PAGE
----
I did a little more figuring. Based on my most recent analysis, it would be beneficial to purchase no more that 24 months. Here's why. The increase in monthly payout (in round figures) would be around $90 for 12 months purchased, another $90 for 24 months purchased, $50 for 36 months purchased, and $50 for 24 months purchased. Based on these figures, the greatest return is for up to 24 months purchased.
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Old 09-19-2015, 10:25 AM   #13
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Thanks. I don't know if I would be comfortable with more than 24 months; however, it is tempting. I figured that 24 months would be around $25,500, 36 months around $38,500, and 48 months would be around $51,500. The 48 months would deplete the 401k to the point where there would still be over 100k.
Is your pension COLAed? Why are you uncomfortable using 401k money to buy a pension that gives you an IRR of around 6.7%. I'm being offered something similar by my public employer and I'm buying 10 years of service and cashing in a 401a with around $263k in it. (actually you probably also have a 401a or maybe a 403b or 457 as a 401k is for private profit making companies and not public employers). Is there a survivor benefit as well? You should also consider your income needs and whether you need access to capital in the future. The buy in looks like a good deal so I would probably buy enough to cover my basics retirement income needs, but make sure you keep enough principal as well.
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Old 09-19-2015, 10:39 AM   #14
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This forum is great. It makes me think.
I did a little more figuring. Based on my most recent analysis, it would be beneficial to purchase no more that 24 months. Here's why. The increase in monthly payout (in round figures) would be around $90 for 12 months purchased, another $90 for 24 months purchased, $50 for 36 months purchased, and $50 for 24 months purchased. Based on these figures, the greatest return is for up to 24 months purchased.
Yes, but what is the return.....do you have a COLA? or any survivor benefit?

So to summarize

You are 58, (M or F, do you have a spouse)

$12900 buys 12 months of service and gets you an additional $1080 a year
$25800 buys 24 months of service and gets you an additional $2160 a year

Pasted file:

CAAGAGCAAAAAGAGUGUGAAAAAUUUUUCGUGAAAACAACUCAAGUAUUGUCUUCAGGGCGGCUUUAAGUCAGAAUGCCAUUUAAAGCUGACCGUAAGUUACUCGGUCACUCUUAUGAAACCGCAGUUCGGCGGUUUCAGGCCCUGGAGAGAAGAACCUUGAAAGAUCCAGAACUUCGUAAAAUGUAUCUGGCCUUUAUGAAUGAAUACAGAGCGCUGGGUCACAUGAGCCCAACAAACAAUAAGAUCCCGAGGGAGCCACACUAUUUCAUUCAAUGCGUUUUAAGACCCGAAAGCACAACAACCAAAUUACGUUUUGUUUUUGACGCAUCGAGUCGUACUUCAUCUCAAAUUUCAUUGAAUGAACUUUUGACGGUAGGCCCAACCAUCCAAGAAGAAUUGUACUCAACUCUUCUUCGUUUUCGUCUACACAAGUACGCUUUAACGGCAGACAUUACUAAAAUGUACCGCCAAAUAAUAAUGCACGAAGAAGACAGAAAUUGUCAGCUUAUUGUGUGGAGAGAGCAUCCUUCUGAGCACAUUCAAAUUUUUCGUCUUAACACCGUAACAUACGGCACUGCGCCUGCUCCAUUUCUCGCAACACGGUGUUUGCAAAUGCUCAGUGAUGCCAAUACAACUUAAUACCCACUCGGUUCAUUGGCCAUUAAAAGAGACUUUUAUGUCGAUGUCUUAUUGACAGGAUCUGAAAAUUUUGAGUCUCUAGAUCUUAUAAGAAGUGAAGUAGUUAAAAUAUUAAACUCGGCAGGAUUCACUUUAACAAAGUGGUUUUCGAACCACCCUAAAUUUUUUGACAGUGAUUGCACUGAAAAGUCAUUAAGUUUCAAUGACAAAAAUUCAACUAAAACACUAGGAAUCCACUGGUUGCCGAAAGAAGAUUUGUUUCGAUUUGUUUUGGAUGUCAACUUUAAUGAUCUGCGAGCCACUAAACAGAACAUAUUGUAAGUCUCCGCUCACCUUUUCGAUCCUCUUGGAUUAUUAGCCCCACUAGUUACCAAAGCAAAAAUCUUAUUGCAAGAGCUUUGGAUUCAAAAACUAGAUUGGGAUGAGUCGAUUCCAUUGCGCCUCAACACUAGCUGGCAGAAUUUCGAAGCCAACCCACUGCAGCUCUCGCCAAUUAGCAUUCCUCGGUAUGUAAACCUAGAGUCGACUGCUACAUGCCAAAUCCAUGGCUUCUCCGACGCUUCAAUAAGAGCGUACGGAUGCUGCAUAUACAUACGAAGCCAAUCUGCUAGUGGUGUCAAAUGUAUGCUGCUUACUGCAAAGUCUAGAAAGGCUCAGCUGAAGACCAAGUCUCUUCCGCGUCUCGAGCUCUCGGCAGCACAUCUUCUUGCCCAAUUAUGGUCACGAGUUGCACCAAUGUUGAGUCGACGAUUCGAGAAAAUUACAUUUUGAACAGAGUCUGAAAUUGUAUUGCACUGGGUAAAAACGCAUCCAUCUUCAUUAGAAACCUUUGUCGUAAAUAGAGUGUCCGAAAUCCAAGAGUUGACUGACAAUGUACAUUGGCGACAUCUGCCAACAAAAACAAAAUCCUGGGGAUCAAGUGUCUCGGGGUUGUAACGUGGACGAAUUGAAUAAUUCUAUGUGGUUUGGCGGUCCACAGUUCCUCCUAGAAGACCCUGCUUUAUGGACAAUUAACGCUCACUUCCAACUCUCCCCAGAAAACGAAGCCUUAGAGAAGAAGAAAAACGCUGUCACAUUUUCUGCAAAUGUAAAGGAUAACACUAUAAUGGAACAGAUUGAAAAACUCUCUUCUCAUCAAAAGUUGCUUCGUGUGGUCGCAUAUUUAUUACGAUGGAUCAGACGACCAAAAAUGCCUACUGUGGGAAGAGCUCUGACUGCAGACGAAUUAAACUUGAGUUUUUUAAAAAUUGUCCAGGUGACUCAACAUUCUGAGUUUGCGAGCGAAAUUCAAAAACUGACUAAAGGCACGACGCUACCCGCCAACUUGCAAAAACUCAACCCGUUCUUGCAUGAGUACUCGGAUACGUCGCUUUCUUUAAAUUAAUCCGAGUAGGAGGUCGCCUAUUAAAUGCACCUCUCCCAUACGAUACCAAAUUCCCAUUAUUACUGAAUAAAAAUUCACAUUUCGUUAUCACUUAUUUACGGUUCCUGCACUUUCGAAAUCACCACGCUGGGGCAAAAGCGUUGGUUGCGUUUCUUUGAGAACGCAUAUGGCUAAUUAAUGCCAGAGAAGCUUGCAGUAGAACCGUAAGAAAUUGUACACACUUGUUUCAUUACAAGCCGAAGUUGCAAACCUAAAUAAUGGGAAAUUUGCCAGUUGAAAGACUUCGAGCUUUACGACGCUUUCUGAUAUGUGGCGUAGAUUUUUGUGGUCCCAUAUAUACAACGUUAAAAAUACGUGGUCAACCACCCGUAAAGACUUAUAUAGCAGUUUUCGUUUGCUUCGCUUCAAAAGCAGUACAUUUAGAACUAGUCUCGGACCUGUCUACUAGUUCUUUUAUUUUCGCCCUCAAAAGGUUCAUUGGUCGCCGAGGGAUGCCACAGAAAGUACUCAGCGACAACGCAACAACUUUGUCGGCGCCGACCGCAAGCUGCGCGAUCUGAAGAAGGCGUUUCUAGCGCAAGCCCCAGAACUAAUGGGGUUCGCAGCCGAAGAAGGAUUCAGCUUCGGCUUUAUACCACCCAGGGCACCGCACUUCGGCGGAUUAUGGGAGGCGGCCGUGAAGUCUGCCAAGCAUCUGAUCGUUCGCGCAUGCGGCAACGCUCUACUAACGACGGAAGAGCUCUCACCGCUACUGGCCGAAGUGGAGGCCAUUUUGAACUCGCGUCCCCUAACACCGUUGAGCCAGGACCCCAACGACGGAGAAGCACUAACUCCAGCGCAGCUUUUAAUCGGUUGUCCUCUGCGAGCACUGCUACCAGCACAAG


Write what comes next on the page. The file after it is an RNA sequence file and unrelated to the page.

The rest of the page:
The next 12 and 24 month purchases would give you $50/month more ($600 a year)

$38700 buys 36 months of service and gets you an additional $2760 a year
$51600 buys 48 months of service and gets you an additional $3360 a year

Using the 48 month number that's a 6.5% pay out rate and (assuming 0% COLA and you live to 83) is an IRR of 4.2%.

The 24 month number is a payout rate of 8.4% and an IRR of about 6.7%.
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Old 09-19-2015, 10:46 AM   #15
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Nun, to answer some of your questions, it is COLA'ed. Also, the figures I came up with are based on a 100% CA payment, and if CA passes before I do, the amount will go up to the what the allowance would have been (plus COLA) if the benefit were for my lifetime only.
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Old 09-19-2015, 10:51 AM   #16
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Yes, but what is the return.....do you have a COLA? or any survivor benefit?

So to summarize

You are 58, (M or F, do you have a spouse)

$12900 buys 12 months of service and gets you an additional $1080 a year
$25800 buys 24 months of service and gets you an additional $2160 a year

The next 12 and 24 month purchases would give you $50/month more ($600 a year)

$38700 buys 36 months of service and gets you an additional $2760 a year
$51600 buys 48 months of service and gets you an additional $3360 a year

Using the 48 month number that's a 6.5% pay out rate and (assuming 0% COLA and you live to 83) is an IRR of 4.2%.

The 24 month number is a payout rate of 8.4% and an IRR of about 6.7%.
Thank for your responses. I posted my last post without seeing this one.
There is a survivor benefit, and I do have a spouse that is older than I am (64), and it is COLA'ed.
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Old 09-19-2015, 11:35 AM   #17
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Thank for your responses. I posted my last post without seeing this one.
There is a survivor benefit, and I do have a spouse that is older than I am (64), and it is COLA'ed.
is your entire payment COLAed, what is the COLA percentage? This makes the pension worth considerably more.
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Old 09-19-2015, 12:30 PM   #18
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is your entire payment COLAed, what is the COLA percentage? This makes the pension worth considerably more.
The COLA is on the monthly benefit, and based on CPI-U, but won't exceed the CPI or 6%, the least of the 2. It also factors growth in the fund. I think, but am not sure, that the minimum COLA in a given year is 1%. It has been 1% for the last 4 or 5 years.
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Old 09-19-2015, 12:53 PM   #19
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The COLA is on the monthly benefit, and based on CPI-U, but won't exceed the CPI or 6%, the least of the 2. It also factors growth in the fund. I think, but am not sure, that the minimum COLA in a given year is 1%. It has been 1% for the last 4 or 5 years.
OK assuming a 1% annual COLA for the 24 month buy in your IRR (assuming you live to 83 and ignoring survivor benefit) goes up to 7.8% and the 48 year buy in has an IRR of 5.1%. I'd definitely buy 24 months and depending on your need/desire for guaranteed income I might buy more. The COLA and survivor benefit are big benefits.
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Old 09-19-2015, 01:19 PM   #20
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Are the pension benefit increases based on a COLAed single life pension or a COLAed joint life pension? Even though your spouse is older joint mortality would likely come into play so the pension is even more attractive.